In the midst of my own journey as I move north to face new challenges (and to move in with my fiance), I find the time in this busy futuristic lifestyle of packed boxes and neglected rest to sit and watch Fred Williamson’s 1976 Death Journey released by Code Red DVD. I adore Code Red; their fans get what they ask for as Code Red’s ears are surely open and ready to receive the intake of rare and outrageous selections. However, Death Journey marks my very first concern for the DVD label as I’m not sure what pinpoints to be very unique of this example of blaxploitation besides being very bland.
When two New York City lawyers fear their case against a crime lord will die with the rest of their murdered witnesses, they hire Jesse Crowder, a former cop whose mercenary tactics are undesirable but effective. His $50,000 mission is to escort Finley, a former account of the crime lord, across the country to testify, but at every turn, trouble lies and waits for Jesse and Finley.
Watching Death Journey was painful. I hate to admit that, but the truth must be told. Being exposed to various convoluted stories, my mind has become a complex web of complexities. This back-to-back sequel to No Way Back, also released in 1976, bares a simple-minded story and executed in a simple-minded way. Pointless exposition describing their every action boggles down the flow of the plot and the obviously bad choreographed fight scenes reveal the faux blows, the dimwitted edited and the placing of the shot directly on a downed villain to show that he has been knocked out by Crowder’s martial arts skills.
What gnaws at me the most is the fact that this crime lord’s minions had every chance to brutally slay Finley and never took the opportunity to do it. These henchmen were scared to commit homicide in public, yet don’t mind participating in shoot outs. “Let’s take Finley to the car and shoot him later” attitude had me anxiously desiring Finley’s head on a platter and the “lets only point a gun at Crowder for a minute until he turns around and kills us” was done in almost every action scene.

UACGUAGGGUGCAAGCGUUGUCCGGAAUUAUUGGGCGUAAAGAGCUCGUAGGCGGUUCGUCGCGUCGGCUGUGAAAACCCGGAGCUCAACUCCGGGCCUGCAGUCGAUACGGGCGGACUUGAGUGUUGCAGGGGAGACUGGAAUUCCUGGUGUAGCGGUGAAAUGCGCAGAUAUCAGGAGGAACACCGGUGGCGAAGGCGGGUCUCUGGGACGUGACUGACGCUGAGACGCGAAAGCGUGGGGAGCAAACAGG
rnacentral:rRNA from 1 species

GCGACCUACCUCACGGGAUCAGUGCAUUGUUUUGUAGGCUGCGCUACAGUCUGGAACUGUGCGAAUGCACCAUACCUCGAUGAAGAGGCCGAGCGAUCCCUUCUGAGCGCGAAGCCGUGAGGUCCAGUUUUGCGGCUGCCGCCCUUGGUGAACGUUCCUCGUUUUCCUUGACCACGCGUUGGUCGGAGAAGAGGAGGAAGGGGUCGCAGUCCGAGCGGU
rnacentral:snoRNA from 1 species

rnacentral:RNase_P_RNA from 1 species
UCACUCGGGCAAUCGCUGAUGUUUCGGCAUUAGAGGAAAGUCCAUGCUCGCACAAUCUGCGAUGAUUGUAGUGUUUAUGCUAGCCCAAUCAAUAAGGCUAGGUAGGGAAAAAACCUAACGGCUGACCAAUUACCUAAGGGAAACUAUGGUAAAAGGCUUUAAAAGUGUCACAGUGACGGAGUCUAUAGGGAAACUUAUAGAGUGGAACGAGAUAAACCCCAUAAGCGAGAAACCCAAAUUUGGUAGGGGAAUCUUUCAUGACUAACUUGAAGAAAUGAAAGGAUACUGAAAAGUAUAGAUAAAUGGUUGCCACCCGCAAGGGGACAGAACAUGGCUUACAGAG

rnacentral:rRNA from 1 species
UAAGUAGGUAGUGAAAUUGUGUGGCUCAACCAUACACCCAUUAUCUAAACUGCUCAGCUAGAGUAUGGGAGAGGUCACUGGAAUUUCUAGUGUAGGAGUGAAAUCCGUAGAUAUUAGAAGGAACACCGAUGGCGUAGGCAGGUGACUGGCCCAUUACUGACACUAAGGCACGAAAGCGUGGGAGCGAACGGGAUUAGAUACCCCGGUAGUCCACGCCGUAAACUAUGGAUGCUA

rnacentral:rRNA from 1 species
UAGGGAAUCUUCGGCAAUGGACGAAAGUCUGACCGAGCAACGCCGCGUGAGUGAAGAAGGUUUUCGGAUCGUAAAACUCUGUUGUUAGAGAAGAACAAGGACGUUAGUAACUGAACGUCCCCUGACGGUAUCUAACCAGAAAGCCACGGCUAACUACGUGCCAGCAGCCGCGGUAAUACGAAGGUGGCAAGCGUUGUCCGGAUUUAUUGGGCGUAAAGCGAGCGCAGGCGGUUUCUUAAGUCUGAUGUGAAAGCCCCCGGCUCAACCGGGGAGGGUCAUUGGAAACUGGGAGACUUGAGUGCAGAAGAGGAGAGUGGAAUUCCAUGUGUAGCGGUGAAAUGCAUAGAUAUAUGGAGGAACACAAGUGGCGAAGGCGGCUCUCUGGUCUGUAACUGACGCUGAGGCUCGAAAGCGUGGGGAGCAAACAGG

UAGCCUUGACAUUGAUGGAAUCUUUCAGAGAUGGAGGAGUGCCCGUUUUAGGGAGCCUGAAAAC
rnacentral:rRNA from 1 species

The bad thing about this is that I know Fred Williamson can act at least as tough guy. A year before Death Journey, Williamson co-starred in Take a Hard Ride, he played an undesirable army soldier in the original The Inglorious Bastards and was most recently a strong guy, vampire slaying trucker in From Dusk till Dawn. Was Blaxploitation such a height for Williamson that he couldn’t say no to producing and directing himself? Perhaps that was the appeal? I wouldn’t dare tell him it was bad idea for then I’d be on my back in pain after a bull rush from the former defensive back, but Death Journey takes a trip down to nowhere fast and doesn’t gain anything as it progresses. Nothing surprises me when writer Abel Jones doesn’t receive anymore work. Also, I think I’ve had my fill of slow motion karate scenes, Williamson sex scenes and Williamson’s shirtless ventures across the nation for the time being. One nice thing I can say is that the Code Red DVD has a most superb video transfer!